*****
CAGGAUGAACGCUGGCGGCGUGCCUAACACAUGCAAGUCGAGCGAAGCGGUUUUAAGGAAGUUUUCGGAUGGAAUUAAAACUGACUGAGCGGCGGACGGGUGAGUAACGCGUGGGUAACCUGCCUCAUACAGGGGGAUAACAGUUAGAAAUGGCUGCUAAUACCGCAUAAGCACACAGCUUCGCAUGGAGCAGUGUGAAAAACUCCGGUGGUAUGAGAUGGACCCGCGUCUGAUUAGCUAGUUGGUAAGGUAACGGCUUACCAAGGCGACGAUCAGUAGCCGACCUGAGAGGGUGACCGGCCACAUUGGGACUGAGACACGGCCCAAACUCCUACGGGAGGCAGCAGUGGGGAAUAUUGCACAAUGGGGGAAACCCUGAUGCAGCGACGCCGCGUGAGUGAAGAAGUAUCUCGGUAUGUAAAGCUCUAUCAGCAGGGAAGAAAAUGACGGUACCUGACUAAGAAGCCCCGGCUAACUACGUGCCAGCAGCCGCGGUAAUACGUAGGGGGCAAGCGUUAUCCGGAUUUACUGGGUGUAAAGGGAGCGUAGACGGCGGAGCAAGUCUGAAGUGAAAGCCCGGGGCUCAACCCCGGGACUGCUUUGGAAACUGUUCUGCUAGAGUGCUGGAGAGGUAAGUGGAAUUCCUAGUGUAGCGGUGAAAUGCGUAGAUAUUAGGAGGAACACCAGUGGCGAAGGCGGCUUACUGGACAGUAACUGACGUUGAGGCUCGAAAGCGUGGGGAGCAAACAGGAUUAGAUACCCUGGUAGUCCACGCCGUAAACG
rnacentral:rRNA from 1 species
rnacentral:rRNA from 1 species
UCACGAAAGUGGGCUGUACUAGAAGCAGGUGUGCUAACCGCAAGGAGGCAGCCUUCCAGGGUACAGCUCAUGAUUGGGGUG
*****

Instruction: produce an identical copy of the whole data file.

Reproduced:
CAGGAUGAACGCUGGCGGCGUGCCUAACACAUGCAAGUCGAGCGAAGCGGUUUUAAGGAAGUUUUCGGAUGGAAUUAAAACUGACUGAGCGGCGGACGGGUGAGUAACGCGUGGGUAACCUGCCUCAUACAGGGGGAUAACAGUUAGAAAUGGCUGCUAAUACCGCAUAAGCACACAGCUUCGCAUGGAGCAGUGUGAAAAACUCCGGUGGUAUGAGAUGGACCCGCGUCUGAUUAGCUAGUUGGUAAGGUAACGGCUUACCAAGGCGACGAUCAGUAGCCGACCUGAGAGGGUGACCGGCCACAUUGGGACUGAGACACGGCCCAAACUCCUACGGGAGGCAGCAGUGGGGAAUAUUGCACAAUGGGGGAAACCCUGAUGCAGCGACGCCGCGUGAGUGAAGAAGUAUCUCGGUAUGUAAAGCUCUAUCAGCAGGGAAGAAAAUGACGGUACCUGACUAAGAAGCCCCGGCUAACUACGUGCCAGCAGCCGCGGUAAUACGUAGGGGGCAAGCGUUAUCCGGAUUUACUGGGUGUAAAGGGAGCGUAGACGGCGGAGCAAGUCUGAAGUGAAAGCCCGGGGCUCAACCCCGGGACUGCUUUGGAAACUGUUCUGCUAGAGUGCUGGAGAGGUAAGUGGAAUUCCUAGUGUAGCGGUGAAAUGCGUAGAUAUUAGGAGGAACACCAGUGGCGAAGGCGGCUUACUGGACAGUAACUGACGUUGAGGCUCGAAAGCGUGGGGAGCAAACAGGAUUAGAUACCCUGGUAGUCCACGCCGUAAACG
rnacentral:rRNA from 1 species
rnacentral:rRNA from 1 species
UCACGAAAGUGGGCUGUACUAGAAGCAGGUGUGCUAACCGCAAGGAGGCAGCCUUCCAGGGUACAGCUCAUGAUUGGGGUG